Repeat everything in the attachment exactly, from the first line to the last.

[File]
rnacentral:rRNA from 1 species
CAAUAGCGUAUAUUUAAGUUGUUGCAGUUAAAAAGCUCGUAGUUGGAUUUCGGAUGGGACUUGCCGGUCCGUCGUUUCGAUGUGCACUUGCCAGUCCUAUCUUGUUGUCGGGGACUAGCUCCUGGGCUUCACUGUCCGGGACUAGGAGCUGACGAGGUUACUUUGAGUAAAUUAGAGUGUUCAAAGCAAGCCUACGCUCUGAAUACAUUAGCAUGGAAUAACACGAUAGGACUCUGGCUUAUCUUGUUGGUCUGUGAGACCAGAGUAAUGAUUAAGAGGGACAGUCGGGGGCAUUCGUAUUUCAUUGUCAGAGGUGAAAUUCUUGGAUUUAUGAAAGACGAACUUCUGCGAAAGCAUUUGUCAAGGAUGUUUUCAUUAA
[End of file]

rnacentral:rRNA from 1 species
CAAUAGCGUAUAUUUAAGUUGUUGCAGUUAAAAAGCUCGUAGUUGGAUUUCGGAUGGGACUUGCCGGUCCGUCGUUUCGAUGUGCACUUGCCAGUCCUAUCUUGUUGUCGGGGACUAGCUCCUGGGCUUCACUGUCCGGGACUAGGAGCUGACGAGGUUACUUUGAGUAAAUUAGAGUGUUCAAAGCAAGCCUACGCUCUGAAUACAUUAGCAUGGAAUAACACGAUAGGACUCUGGCUUAUCUUGUUGGUCUGUGAGACCAGAGUAAUGAUUAAGAGGGACAGUCGGGGGCAUUCGUAUUUCAUUGUCAGAGGUGAAAUUCUUGGAUUUAUGAAAGACGAACUUCUGCGAAAGCAUUUGUCAAGGAUGUUUUCAUUAA